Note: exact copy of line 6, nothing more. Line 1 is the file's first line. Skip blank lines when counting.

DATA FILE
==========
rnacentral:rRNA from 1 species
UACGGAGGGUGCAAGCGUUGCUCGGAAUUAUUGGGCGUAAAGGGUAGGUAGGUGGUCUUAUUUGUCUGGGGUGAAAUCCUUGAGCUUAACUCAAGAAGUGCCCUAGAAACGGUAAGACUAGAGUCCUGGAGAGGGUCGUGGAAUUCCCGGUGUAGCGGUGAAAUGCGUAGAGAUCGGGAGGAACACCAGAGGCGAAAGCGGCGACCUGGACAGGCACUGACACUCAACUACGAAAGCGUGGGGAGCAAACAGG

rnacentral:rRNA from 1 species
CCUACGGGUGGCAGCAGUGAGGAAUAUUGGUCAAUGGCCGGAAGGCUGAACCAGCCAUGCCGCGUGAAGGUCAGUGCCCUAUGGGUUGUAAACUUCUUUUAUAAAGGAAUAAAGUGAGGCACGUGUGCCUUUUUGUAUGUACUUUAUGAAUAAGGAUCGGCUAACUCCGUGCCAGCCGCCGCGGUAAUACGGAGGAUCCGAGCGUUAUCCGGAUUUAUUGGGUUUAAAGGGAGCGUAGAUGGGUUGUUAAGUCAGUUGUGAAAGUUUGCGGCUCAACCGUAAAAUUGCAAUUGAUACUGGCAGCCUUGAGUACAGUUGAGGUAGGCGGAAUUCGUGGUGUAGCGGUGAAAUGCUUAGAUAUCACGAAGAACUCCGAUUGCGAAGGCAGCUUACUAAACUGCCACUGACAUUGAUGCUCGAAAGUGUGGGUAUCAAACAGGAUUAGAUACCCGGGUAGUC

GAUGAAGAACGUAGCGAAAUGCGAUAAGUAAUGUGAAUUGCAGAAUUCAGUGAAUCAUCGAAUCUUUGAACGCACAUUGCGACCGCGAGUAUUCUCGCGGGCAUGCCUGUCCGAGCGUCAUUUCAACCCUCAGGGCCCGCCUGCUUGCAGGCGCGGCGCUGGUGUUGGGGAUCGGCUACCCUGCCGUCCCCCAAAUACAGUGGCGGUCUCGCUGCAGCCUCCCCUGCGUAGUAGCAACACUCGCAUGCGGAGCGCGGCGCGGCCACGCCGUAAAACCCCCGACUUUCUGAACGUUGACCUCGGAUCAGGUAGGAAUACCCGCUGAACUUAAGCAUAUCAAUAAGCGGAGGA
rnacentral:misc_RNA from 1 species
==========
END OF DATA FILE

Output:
rnacentral:misc_RNA from 1 species